In the 12 months to 31 March Kenwood made pounds 9.6m of taxable profits, up from pounds 9.3m. Exports were helped by the devaluation of sterling and it also benefited from stronger sales than expected at Christmas.
Earnings per share, however, fell back from 18.9p to 17.8p because of a higher tax charge. The company was helped by the release of provisions for deferred tax not paid in 1992. Kenwood said that 1993's 32 per cent tax charge was likely to be sustained in future years.
Yesterday's results were the first annual figures for Kenwood as a public company. It was floated last June soon after the general election.
Annual turnover topped pounds 100m for the first time against pounds 92m last time. Operating profits climbed 7.5 per cent to pounds 10.2m, but margins were hit by sharply increased administrative costs. These climbed to pounds 10.1m from pounds 7.2m.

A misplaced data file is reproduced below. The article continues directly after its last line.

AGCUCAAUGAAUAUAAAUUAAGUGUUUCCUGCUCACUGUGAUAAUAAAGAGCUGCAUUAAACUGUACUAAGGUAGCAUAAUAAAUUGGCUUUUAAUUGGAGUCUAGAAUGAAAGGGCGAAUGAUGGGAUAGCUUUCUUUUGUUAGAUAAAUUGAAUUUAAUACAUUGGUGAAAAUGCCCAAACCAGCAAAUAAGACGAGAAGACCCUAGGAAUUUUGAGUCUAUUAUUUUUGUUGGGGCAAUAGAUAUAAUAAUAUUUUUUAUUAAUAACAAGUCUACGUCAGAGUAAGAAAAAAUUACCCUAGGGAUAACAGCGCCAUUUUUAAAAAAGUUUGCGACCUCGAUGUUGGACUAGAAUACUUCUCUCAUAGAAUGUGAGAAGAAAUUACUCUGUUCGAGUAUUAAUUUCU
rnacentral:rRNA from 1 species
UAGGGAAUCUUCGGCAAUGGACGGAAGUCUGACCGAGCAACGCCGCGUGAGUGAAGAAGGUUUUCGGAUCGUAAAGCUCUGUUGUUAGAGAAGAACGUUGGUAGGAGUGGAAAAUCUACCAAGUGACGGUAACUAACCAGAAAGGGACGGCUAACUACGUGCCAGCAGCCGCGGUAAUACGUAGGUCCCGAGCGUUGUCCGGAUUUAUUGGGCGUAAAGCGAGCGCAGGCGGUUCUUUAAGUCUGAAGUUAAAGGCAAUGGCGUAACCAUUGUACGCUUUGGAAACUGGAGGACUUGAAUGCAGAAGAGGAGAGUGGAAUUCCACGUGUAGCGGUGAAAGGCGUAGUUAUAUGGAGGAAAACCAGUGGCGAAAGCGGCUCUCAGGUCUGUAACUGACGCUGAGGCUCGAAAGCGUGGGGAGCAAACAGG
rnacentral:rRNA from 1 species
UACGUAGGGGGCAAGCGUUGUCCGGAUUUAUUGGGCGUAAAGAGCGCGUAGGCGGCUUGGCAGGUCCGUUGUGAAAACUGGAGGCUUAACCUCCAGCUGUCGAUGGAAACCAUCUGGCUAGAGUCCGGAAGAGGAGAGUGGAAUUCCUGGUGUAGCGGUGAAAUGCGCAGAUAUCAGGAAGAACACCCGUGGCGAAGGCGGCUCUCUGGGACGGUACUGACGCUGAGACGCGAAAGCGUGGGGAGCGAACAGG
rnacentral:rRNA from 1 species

Tim Parker, chief executive, said the rise was due to Kenwood's increased running costs as a public company.
Mr Parker said he regarded prospects for the current year with cautious optimism.
Group sales split equally between Britain, the rest of Europe and the rest of the world. The markets in Britain and the rest of the world were looking good, but continental Europe was slowing down.
The company saw profits fall at the interim stage and a dull statement on trading sent the newly listed shares to a low of 208p in October.
The shares were floated at 285p. Encouraged by the performace outlined yesterday, they rose 10p to a new high of 321p.Reuse content